A few pages later, Leckie produces another variation on this theme: young Lieutenant Tisarwat, newly assigned to Mercy of Kalr, and unbeknownst to herself made something of an ancillary of the Lord of the Radch. The deception is not lost on Breq, who in short order removes the implants that had imposed Anaander Mianaai’s consciousness on Tisarwat’s body. Her old self effectively dead, the implanted personality removed, but her body in perfect order, who or what is Tisarwat now?

The action of the novel takes place in one star system, in a relatively constricted period of time, as something like a civil war within the Radch puts interstellar travel to a temporary halt. Breq has orders from the highest level to maintain stability in the Athoek system, but her own actions may work to undermine that local stability; or perhaps they show that the outward appearance of stability may just be a facade for corruption and exploitation; or perhaps they show that no system can function without loopholes.

Action and intrigue abound, and it is a measure of the strength of the book that I can take those for granted — they are gripping and compulsive reading — and talk about themes and structural topics.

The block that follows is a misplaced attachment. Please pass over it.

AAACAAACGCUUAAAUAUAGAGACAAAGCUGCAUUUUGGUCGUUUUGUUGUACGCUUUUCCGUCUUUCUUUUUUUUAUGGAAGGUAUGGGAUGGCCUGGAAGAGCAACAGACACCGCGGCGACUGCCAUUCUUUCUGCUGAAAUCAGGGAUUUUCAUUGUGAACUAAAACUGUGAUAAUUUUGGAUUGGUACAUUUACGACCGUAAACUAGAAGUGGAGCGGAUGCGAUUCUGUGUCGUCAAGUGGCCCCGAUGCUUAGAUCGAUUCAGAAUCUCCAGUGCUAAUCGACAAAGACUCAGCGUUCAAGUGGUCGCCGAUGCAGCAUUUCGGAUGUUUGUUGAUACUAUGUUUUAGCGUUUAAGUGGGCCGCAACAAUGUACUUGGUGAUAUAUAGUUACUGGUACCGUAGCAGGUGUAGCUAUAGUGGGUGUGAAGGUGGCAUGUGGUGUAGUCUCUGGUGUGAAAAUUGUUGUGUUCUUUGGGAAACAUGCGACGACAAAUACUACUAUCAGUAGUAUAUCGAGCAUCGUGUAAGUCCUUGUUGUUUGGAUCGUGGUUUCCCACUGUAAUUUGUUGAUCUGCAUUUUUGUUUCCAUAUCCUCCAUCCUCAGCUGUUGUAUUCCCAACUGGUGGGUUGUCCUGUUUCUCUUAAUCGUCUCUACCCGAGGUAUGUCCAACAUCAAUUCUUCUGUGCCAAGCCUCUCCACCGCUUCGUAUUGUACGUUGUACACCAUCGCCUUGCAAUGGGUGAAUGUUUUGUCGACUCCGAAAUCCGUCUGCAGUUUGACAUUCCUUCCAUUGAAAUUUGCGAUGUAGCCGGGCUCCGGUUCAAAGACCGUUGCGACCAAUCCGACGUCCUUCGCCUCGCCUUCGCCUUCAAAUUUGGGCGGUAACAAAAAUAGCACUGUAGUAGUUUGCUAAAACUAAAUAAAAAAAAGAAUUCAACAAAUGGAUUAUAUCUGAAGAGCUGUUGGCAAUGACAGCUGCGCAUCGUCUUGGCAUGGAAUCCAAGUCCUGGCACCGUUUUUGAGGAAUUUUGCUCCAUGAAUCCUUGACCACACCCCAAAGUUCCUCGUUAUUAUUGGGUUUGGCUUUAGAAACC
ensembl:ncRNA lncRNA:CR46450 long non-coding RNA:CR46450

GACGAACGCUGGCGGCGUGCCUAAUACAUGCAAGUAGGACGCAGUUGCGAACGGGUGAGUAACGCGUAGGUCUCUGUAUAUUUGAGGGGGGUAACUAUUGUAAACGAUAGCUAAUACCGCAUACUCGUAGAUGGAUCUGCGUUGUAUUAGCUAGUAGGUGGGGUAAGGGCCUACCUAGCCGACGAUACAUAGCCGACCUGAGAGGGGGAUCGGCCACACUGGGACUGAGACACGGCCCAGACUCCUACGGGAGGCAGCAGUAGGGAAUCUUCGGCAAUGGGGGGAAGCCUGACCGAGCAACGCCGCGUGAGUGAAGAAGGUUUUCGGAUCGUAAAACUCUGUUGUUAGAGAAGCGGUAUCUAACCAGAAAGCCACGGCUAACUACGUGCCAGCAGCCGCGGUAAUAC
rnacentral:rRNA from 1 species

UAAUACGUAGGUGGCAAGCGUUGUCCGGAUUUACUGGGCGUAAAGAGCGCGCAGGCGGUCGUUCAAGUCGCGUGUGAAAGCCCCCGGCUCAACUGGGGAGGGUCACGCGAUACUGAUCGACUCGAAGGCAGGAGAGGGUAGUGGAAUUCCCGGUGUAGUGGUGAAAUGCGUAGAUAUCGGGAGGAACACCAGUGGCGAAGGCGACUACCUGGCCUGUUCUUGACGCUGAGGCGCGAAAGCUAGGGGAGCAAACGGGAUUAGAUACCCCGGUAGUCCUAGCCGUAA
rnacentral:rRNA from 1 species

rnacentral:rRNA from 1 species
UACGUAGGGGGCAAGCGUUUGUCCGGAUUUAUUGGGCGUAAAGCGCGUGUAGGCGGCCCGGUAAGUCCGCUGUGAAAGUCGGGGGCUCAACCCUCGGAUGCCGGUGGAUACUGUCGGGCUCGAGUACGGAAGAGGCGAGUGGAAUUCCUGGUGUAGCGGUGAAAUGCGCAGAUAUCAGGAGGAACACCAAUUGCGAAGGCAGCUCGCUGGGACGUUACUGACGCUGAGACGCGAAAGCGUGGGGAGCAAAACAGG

One of the things I wondered as I read on was why the AIs in the book bother with the humans at all. Each of the ships and the massive space station in Athoek system (it features a three-acre lake, for example) is run by an AI that is nearly omniscient within its own domain and as long-lived as the century-spanning structure it inhabits. The well-being of the humans on board is emotionally satisfying to the AIs, and ships in particular have bonds with their captains and officers that can be used to constrain their actions. As I thought about the book, I wondered how and why this should be, and whether Leckie will eventually fill her readers in on how this works, or whether it would remain a Euclidean premise of the story.